Author: Ryan Thomas
As a serious basketball player, student, or in a professional career you should always evaluate and reflect on your performance with an improvement mindset. You must be objective and specific as you look to identify areas that will propel you to the next level.
Accurate evaluation is one of the most difficult things to come by. However if you know how to seek out genuine constructive criticism and are able to accept it, this will put you far ahead of the competition on the court and in life.
Most people immediately become defensive and are automatically thinking of rebuttals, counter points, and ways to shift blame when presented with any type of “negative” feedback. Don’t let your ego or pride stand in the way of these opportunities for growth. Always remember the greats seek people to help them understand their weaknesses and improve them, not those that congratulate them on their strengths.
Here are some tools you can use in basketball to breakdown performance and intangibles.
- Self-reflection (Film doesn’t lie)
- Coach Observation (1 on 1 conversation)
- Teammate Feedback (Informal conversation)
As a basketball player, there are some specific questions that you should ask to help you reach your potential.
You will notice that the questions below have nothing to do with your ability to dribble, pass, shoot or even defend. These areas of your game are about your mindset and the attitude in which you approach the game. They have a great impact on individual and team success even if jump shots are not falling. Most coaches will tell you that they would rather coach a team full of players that play the right way with a little less skill than coach a team full of talented players that are selfish and refuse to do the little things right.
DO I COMMUNICATE?
- Communication is one of the most important attributes of successful teams
- Coach can’t be the loudest person on the team- he is usually the farthest from the play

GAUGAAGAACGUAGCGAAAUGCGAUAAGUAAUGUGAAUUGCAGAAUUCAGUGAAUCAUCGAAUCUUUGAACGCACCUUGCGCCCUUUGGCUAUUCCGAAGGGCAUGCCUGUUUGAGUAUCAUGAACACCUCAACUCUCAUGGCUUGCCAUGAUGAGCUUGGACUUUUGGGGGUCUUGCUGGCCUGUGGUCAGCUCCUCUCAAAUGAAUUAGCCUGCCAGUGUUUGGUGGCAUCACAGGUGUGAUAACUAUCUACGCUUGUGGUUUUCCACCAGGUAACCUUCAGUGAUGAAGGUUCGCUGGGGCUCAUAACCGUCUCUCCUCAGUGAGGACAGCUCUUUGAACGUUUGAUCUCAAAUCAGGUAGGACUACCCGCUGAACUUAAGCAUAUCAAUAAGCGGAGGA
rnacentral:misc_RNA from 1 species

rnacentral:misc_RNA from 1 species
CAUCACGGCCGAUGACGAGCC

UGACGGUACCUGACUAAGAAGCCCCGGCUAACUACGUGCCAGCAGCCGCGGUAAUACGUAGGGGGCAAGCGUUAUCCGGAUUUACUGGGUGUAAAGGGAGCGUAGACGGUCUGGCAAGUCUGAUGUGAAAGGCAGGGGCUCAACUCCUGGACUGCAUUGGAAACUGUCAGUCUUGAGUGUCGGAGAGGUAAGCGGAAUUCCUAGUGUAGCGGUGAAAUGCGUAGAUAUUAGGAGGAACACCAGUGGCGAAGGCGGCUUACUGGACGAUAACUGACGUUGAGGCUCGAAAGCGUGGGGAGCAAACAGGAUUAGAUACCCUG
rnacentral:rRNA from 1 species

- Defensive communication should be loud, constant and with a purpose
- Communication creates accountability, makes up for mistakes, and intimidates opponents
- Live huddles- if you watch great teams like Duke they always huddle and talk
- During dead balls or free throws for less than 10 seconds, but it keeps them together
AM I COACHABLE?
- Always display eye contact (truly listen and process the information don’t just nod)
- Have a YES SIR attitude! Do what is expected and what is asked.
- Know when/where to have a conversation
- Make the adjustment (no repeated mistakes)
- Being told you are coachable is one of the biggest compliments you can receive
DO I HAVE A BUSINESS MINDSET?
- If your goal is to play at the next level, Basketball is a job
- You should love your work!
- You must take your job seriously
- To truly get a promotion you must work more than 9-5 (Even average players show up to practice and mandatory events)
- What do you do outside of that time to separate yourself? (Film study, individual work, performance training & nutrition)
- When you punch the clock (step on the court) you must take advantage of the little time you have
- You either get better or worse, you never stay the same
- Not giving 100% is a hard habit to break)
The earlier in life you learn to be honest with yourself and have true self evaluation, the higher your ceiling will be. Those that refuse to admit shortcomings and think they can’t improve and get any better are usually right! They stop themselves from reaching their full potential.
For feedback, you can ask your team coach, your skill trainer, or a coach at a player development camp. Do not fool yourself. Seek out honest feedback and evaluate your performance in tangible and intangible ways.
NEVER STOP GROWING.